A Bird's Eye View of the Hazards of Helicopter Parenting
Photo courtesy of Mr. Chuckles/Shutterstock.com
“Can I go out?”
“Yeah sure. Just let me grab my purse really quick.”
Is this a typical conversation with your child? There are two main types of parenting styles: helicopter parenting and lenient parenting. Helicopter parents are overly involved in their child’s life. Lenient parents allow their children to make mistakes. Being more lenient with your child can actually do more good than harm (Schiffrin et al., 2013). Although societal views of lenient parenting are mostly negative versus those of helicopter parenting, lenient parenting is the way to go. At the University of Mary Washington in Virginia, researchers conducted a study where they asked a series of questions to students who grew up in more lenient homes versus those who grew up in more overbearing homes (Schiffrin et al., 2013). Results from the questionnaire proved that children with more lenient parents were more contented with life. Growing up without the stress of helicopter parenting gave them more freedom and independence, allowing them to have a happier, carefree life.
Helicopter parenting may be viewed as the better parenting style, but it can cause many psychological issues for a child. Students answered questions regarding depression, anxiety, and happiness while partaking in the study (Schiffrin et al., 2013). Results showed helicopter parents could cause their child to develop depression and anxiety (Schiffrin et al., 2013). Other researchers found that helicopter parenting created a sense of entitlement for college students and also hindered their ability to cope with emotional setbacks (“Helicopter Parenting & College Students’ Increased Neediness,” 2015). It also revealed that these students were also more likely to abuse pain medications (“Helicopter Parenting & College Students’ Increased Neediness,” 2015); (LeMoyne & Buchanan, 2011).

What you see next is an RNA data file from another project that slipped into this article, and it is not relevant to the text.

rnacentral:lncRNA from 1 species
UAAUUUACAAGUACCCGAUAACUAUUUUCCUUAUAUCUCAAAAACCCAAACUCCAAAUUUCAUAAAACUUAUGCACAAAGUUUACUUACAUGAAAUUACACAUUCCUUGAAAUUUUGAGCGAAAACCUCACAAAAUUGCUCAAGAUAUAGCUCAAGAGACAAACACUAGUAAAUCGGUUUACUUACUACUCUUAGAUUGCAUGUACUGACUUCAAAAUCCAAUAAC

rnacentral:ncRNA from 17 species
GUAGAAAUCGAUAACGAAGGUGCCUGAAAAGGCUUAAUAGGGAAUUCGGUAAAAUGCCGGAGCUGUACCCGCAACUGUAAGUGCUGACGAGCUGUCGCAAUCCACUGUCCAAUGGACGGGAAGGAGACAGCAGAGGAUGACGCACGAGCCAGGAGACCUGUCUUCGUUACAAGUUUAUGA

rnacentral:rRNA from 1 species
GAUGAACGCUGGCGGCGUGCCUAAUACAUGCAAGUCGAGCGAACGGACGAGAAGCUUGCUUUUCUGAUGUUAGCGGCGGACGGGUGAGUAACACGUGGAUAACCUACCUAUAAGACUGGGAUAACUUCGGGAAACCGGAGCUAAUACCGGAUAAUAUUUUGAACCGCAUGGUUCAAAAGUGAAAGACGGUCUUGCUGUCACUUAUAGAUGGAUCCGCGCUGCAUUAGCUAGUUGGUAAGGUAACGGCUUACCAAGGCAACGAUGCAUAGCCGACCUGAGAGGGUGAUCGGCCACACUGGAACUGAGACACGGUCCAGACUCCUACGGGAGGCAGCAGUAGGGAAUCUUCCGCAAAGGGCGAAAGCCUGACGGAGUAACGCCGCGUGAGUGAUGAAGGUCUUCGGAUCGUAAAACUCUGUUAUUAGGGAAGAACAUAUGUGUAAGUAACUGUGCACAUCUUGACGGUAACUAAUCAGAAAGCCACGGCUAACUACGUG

A friend of mine has helicopter parents, and they don’t allow her to have freedom and independence. Honestly, the only time she has any freedom is walking to and from the bus stop. Because her window of freedom is so limited she takes advantage of it whenever she can. If her parents won’t be home until late, she will not go straight home after school. Instead, she’ll go to friends’ houses and anywhere else that is not home. She’ll even sneak out if they’re gone during the night. She has even stated that she couldn’t wait to leave for college so she could have freedom and independence because she felt being at home suffocated her.
These studies will help parents realize they are not helping their child by being over protective. No parents want to be the cause of their child’s pain and suffering, but this proves that they can be, even when they are not doing so intentionally. For some parents, this may be a harsh reality they will have to face. Loosening the reigns they have on their child can be very scary especially in society today, but this is something they will have to learn how to do for the wellbeing of their child. No one can actually tell a parent how to raise their child but the next time they decide to deny their children from experiencing life, maybe they should consider the effects it may bring in their future.
Jamaela Green is a participant of Uplift Plus at University of North Carolina at Chapel Hill, a program that seeks out high-achieving high school students who have been historically underrepresented in higher education. Her editorial — written for her freshman English class this summer — is among the first in a series of posts by other Uplift Plus students to be published by Carolina Parent. The editorials, assigned by UNC English teacher Moira Marquis, asked students to research a contemporary social issue for young adults and share their findings.